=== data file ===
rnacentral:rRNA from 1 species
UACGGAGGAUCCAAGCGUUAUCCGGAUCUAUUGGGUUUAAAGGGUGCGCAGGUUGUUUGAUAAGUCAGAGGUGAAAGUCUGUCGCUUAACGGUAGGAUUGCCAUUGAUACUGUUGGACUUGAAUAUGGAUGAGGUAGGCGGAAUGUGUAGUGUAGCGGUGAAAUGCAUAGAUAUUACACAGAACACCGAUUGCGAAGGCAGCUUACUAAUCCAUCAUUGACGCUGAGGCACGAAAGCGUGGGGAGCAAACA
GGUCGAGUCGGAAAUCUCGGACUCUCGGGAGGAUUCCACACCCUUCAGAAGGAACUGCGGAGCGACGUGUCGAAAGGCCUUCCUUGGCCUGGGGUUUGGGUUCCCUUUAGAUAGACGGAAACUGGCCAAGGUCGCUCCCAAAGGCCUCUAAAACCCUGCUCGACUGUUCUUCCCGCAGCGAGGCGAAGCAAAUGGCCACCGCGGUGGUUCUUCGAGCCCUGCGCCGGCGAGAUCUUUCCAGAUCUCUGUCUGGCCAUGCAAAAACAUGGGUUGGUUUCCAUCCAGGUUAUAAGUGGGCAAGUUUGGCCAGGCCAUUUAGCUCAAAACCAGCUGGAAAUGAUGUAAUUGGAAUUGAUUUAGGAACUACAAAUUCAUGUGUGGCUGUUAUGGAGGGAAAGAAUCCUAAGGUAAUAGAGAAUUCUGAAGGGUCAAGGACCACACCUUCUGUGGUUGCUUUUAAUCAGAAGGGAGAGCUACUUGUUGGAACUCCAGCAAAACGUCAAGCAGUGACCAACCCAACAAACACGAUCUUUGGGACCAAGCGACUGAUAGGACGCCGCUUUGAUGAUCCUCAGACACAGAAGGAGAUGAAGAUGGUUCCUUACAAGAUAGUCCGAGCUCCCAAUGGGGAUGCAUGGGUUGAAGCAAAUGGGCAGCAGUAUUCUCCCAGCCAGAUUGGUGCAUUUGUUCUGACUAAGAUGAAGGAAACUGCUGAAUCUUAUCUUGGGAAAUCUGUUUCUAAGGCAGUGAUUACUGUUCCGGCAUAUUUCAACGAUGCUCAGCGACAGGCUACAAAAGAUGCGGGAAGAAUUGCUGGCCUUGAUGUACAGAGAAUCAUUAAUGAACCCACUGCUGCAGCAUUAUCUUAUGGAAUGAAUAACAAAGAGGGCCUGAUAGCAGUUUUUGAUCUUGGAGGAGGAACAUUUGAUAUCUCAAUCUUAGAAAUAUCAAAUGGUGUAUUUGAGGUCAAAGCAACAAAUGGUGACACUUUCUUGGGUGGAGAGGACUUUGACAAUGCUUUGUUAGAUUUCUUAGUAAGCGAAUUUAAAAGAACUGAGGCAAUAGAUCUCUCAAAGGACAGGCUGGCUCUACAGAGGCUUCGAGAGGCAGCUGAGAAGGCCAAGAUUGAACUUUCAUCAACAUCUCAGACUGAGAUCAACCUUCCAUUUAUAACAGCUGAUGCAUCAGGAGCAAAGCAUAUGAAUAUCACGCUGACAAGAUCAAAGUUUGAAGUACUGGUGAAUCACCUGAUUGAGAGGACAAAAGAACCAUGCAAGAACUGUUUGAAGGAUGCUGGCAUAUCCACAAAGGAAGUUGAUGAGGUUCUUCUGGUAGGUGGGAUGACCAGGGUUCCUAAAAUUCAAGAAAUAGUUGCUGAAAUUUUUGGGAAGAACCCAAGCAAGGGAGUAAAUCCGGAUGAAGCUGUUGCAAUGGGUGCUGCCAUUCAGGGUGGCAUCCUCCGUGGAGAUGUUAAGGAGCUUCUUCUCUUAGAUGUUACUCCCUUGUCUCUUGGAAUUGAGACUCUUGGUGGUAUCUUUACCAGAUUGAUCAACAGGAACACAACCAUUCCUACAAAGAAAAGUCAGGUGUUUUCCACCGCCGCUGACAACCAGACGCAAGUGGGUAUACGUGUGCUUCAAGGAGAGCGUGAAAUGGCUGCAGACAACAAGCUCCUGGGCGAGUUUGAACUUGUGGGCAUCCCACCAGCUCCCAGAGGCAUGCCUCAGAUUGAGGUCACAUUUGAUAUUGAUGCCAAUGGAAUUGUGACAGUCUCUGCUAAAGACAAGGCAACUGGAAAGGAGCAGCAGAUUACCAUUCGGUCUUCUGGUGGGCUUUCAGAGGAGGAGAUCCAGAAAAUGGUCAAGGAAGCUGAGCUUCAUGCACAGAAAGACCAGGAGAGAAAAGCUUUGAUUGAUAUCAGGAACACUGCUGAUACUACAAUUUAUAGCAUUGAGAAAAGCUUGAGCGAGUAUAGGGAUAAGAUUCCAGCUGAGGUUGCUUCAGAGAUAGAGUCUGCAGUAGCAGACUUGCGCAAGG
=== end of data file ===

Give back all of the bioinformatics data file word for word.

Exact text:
rnacentral:rRNA from 1 species
UACGGAGGAUCCAAGCGUUAUCCGGAUCUAUUGGGUUUAAAGGGUGCGCAGGUUGUUUGAUAAGUCAGAGGUGAAAGUCUGUCGCUUAACGGUAGGAUUGCCAUUGAUACUGUUGGACUUGAAUAUGGAUGAGGUAGGCGGAAUGUGUAGUGUAGCGGUGAAAUGCAUAGAUAUUACACAGAACACCGAUUGCGAAGGCAGCUUACUAAUCCAUCAUUGACGCUGAGGCACGAAAGCGUGGGGAGCAAACA
GGUCGAGUCGGAAAUCUCGGACUCUCGGGAGGAUUCCACACCCUUCAGAAGGAACUGCGGAGCGACGUGUCGAAAGGCCUUCCUUGGCCUGGGGUUUGGGUUCCCUUUAGAUAGACGGAAACUGGCCAAGGUCGCUCCCAAAGGCCUCUAAAACCCUGCUCGACUGUUCUUCCCGCAGCGAGGCGAAGCAAAUGGCCACCGCGGUGGUUCUUCGAGCCCUGCGCCGGCGAGAUCUUUCCAGAUCUCUGUCUGGCCAUGCAAAAACAUGGGUUGGUUUCCAUCCAGGUUAUAAGUGGGCAAGUUUGGCCAGGCCAUUUAGCUCAAAACCAGCUGGAAAUGAUGUAAUUGGAAUUGAUUUAGGAACUACAAAUUCAUGUGUGGCUGUUAUGGAGGGAAAGAAUCCUAAGGUAAUAGAGAAUUCUGAAGGGUCAAGGACCACACCUUCUGUGGUUGCUUUUAAUCAGAAGGGAGAGCUACUUGUUGGAACUCCAGCAAAACGUCAAGCAGUGACCAACCCAACAAACACGAUCUUUGGGACCAAGCGACUGAUAGGACGCCGCUUUGAUGAUCCUCAGACACAGAAGGAGAUGAAGAUGGUUCCUUACAAGAUAGUCCGAGCUCCCAAUGGGGAUGCAUGGGUUGAAGCAAAUGGGCAGCAGUAUUCUCCCAGCCAGAUUGGUGCAUUUGUUCUGACUAAGAUGAAGGAAACUGCUGAAUCUUAUCUUGGGAAAUCUGUUUCUAAGGCAGUGAUUACUGUUCCGGCAUAUUUCAACGAUGCUCAGCGACAGGCUACAAAAGAUGCGGGAAGAAUUGCUGGCCUUGAUGUACAGAGAAUCAUUAAUGAACCCACUGCUGCAGCAUUAUCUUAUGGAAUGAAUAACAAAGAGGGCCUGAUAGCAGUUUUUGAUCUUGGAGGAGGAACAUUUGAUAUCUCAAUCUUAGAAAUAUCAAAUGGUGUAUUUGAGGUCAAAGCAACAAAUGGUGACACUUUCUUGGGUGGAGAGGACUUUGACAAUGCUUUGUUAGAUUUCUUAGUAAGCGAAUUUAAAAGAACUGAGGCAAUAGAUCUCUCAAAGGACAGGCUGGCUCUACAGAGGCUUCGAGAGGCAGCUGAGAAGGCCAAGAUUGAACUUUCAUCAACAUCUCAGACUGAGAUCAACCUUCCAUUUAUAACAGCUGAUGCAUCAGGAGCAAAGCAUAUGAAUAUCACGCUGACAAGAUCAAAGUUUGAAGUACUGGUGAAUCACCUGAUUGAGAGGACAAAAGAACCAUGCAAGAACUGUUUGAAGGAUGCUGGCAUAUCCACAAAGGAAGUUGAUGAGGUUCUUCUGGUAGGUGGGAUGACCAGGGUUCCUAAAAUUCAAGAAAUAGUUGCUGAAAUUUUUGGGAAGAACCCAAGCAAGGGAGUAAAUCCGGAUGAAGCUGUUGCAAUGGGUGCUGCCAUUCAGGGUGGCAUCCUCCGUGGAGAUGUUAAGGAGCUUCUUCUCUUAGAUGUUACUCCCUUGUCUCUUGGAAUUGAGACUCUUGGUGGUAUCUUUACCAGAUUGAUCAACAGGAACACAACCAUUCCUACAAAGAAAAGUCAGGUGUUUUCCACCGCCGCUGACAACCAGACGCAAGUGGGUAUACGUGUGCUUCAAGGAGAGCGUGAAAUGGCUGCAGACAACAAGCUCCUGGGCGAGUUUGAACUUGUGGGCAUCCCACCAGCUCCCAGAGGCAUGCCUCAGAUUGAGGUCACAUUUGAUAUUGAUGCCAAUGGAAUUGUGACAGUCUCUGCUAAAGACAAGGCAACUGGAAAGGAGCAGCAGAUUACCAUUCGGUCUUCUGGUGGGCUUUCAGAGGAGGAGAUCCAGAAAAUGGUCAAGGAAGCUGAGCUUCAUGCACAGAAAGACCAGGAGAGAAAAGCUUUGAUUGAUAUCAGGAACACUGCUGAUACUACAAUUUAUAGCAUUGAGAAAAGCUUGAGCGAGUAUAGGGAUAAGAUUCCAGCUGAGGUUGCUUCAGAGAUAGAGUCUGCAGUAGCAGACUUGCGCAAGG